Author debunks 'macho myths'

September 01, 2006|by LISA PREJEAN

The journey from boyhood to manhood can be exciting and frightening at the same time. Boys today are receiving mixed messages on what it means to be a man.

That's one reason that prompted journalist Bill Zimmerman to write "100 Things Guys Need to Know," a book for boys ages 9 to 13.

Zimmerman surveyed more than 500 boys to find out what concerns them. As part of the book, he attempts to debunk what he refers to as the 10 Macho Myths.

I asked him about these myths in a recent phone interview. Here are the myths and Zimmerman's advice on how adults can help children overcome them:


Myth 1: Guys never cry.

Adults should encourage boys to express their feelings and listen carefully so they feel we are interested in what they have to say, Zimmerman says.

"The other message to give is if they keep things in all the time, it ends up hurting them," Zimmerman says. "I say that as a man who when I was a boy kept things in."

Myth 2: Guys need to be buff and tough.

If a boy asks for a weight set, that's fine as long as he doesn't feel like he has to pump iron just to achieve a certain look, Zimmerman says.

It's important for children to get enough exercise. Yet they should be taught to accept their bodies as they are. Not everyone is going to develop huge muscles.

It might be more beneficial for young boys to exercise with their families during a bike ride or an afternoon of swimming so the emphasis is on community and not just on themselves.

Myth 3: It's cool when guys disrespect others.

Parents should show that they respect others. Kids will pick up on that.

Myth 4: Guys should only do 'guy stuff.'

"Each child has to look inside themselves for what is special," Zimmerman says. "I really believe strongly, too, that each child is gifted and special in his or her own way.

"If we are only with people who are like us and look like us, our world is very limited."

Children need to learn that they won't always be accepted, and that's OK.

Myth 5: Guys aren't supposed to ask for help and they don't work well with others.

"Everyone needs help. Part of the way we do our jobs is that we're dependent on other people. Everything is based on teamwork," Zimmerman says. "Asking for help and exchanging information is imperative today."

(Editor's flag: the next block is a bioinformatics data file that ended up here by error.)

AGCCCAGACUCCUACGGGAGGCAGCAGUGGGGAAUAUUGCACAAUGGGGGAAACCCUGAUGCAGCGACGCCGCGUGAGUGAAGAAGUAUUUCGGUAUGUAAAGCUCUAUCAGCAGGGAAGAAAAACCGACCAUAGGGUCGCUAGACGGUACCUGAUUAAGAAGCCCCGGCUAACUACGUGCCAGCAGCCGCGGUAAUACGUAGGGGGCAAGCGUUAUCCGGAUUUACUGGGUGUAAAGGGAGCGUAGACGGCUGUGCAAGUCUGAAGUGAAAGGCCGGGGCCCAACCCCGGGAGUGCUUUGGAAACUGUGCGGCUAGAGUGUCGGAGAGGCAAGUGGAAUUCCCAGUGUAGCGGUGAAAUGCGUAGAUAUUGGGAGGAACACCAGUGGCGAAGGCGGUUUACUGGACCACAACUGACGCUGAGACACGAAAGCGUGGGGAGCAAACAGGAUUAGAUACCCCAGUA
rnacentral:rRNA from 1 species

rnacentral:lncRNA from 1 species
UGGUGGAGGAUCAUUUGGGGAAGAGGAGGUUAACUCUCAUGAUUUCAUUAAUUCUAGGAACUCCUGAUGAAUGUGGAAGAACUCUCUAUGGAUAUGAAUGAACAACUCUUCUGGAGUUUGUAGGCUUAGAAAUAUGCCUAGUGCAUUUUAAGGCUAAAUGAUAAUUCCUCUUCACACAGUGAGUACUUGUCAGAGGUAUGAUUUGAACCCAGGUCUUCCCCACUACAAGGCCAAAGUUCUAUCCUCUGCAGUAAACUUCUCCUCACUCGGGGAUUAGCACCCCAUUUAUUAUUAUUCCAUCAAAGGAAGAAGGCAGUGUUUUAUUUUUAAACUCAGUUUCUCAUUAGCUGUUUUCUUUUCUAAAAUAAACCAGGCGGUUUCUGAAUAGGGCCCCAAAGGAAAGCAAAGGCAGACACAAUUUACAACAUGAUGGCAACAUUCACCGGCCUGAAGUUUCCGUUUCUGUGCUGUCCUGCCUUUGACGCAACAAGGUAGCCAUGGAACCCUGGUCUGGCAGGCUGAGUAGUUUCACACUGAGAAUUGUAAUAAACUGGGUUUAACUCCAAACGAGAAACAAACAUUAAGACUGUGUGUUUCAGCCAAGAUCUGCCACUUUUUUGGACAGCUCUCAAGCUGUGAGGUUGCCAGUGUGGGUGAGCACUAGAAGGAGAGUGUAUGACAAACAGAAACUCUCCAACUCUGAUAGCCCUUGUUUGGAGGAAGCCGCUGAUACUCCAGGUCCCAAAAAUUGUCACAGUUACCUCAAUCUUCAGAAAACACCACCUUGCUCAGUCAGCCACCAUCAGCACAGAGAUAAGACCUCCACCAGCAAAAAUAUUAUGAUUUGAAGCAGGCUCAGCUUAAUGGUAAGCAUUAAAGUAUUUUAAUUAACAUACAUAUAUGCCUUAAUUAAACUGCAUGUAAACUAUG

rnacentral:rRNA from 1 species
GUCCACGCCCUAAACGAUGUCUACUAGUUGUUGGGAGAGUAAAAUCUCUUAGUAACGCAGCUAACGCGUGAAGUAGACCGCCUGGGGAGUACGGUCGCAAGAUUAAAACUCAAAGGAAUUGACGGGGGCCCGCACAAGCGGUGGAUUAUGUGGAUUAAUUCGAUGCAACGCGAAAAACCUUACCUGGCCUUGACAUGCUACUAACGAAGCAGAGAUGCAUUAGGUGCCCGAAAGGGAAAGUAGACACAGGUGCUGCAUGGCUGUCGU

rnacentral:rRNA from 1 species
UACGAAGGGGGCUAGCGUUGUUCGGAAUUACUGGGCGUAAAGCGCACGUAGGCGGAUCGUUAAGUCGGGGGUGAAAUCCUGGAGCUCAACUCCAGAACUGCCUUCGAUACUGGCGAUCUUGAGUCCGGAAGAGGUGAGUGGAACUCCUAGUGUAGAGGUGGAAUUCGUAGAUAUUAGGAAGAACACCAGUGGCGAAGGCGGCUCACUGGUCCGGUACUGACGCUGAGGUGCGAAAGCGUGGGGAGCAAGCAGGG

A boy should be encouraged to learn how to do research on his own but to also accept the fact that some of his most valuable resources are the people around him.

Myth 6: Guys are mean and aggressive by nature.

Even though we all can be mean and aggressive at times because it is part of human nature, boys need to learn that we all also have the capacity for gentleness and empathy.

Adults should demonstrate this by helping others and being considerate.

For example, if someone is waiting for a parking place, you don't cut them off. You just go look for another space, Zimmerman says.

Myth 7: Guys shouldn't make mistakes (or admit to them).

"It's impossible to get everything right the first time. Life is a learning process," Zimmerman says. "Along the way, some things will go really well for us. Other things won't go so well. Not every one of our dreams comes true."

Give boys examples of the mistakes you made and what you learned from them.

Myth 8: Guys have to keep their feelings hidden inside.

If a boy seems reluctant to talk about his feelings, encourage him to write about them in a journal, create artwork that expresses how he feels or compose music that will give him an outlet. Even a family pet can help.

"I've said a lot of things to my dog that I haven't said to anyone else," Zimmerman says.

Myth 9: Guys should act cool, be macho and show off.

Parents should point out good role models for their children.

"If a child has good values, he won't have to be the cool, macho type," Zimmerman says. "He'll just be content with who he is."

Myth 10: Guys should dominate and always be in control.

It's OK to step back and take directions from someone else.

"You're trying to help your son show his humanity," Zimmerman says. "You can't be in control all the time."

Lisa Tedrick Prejean writes a weekly column for The Herald-Mail's Family page. Send e-mail to her at

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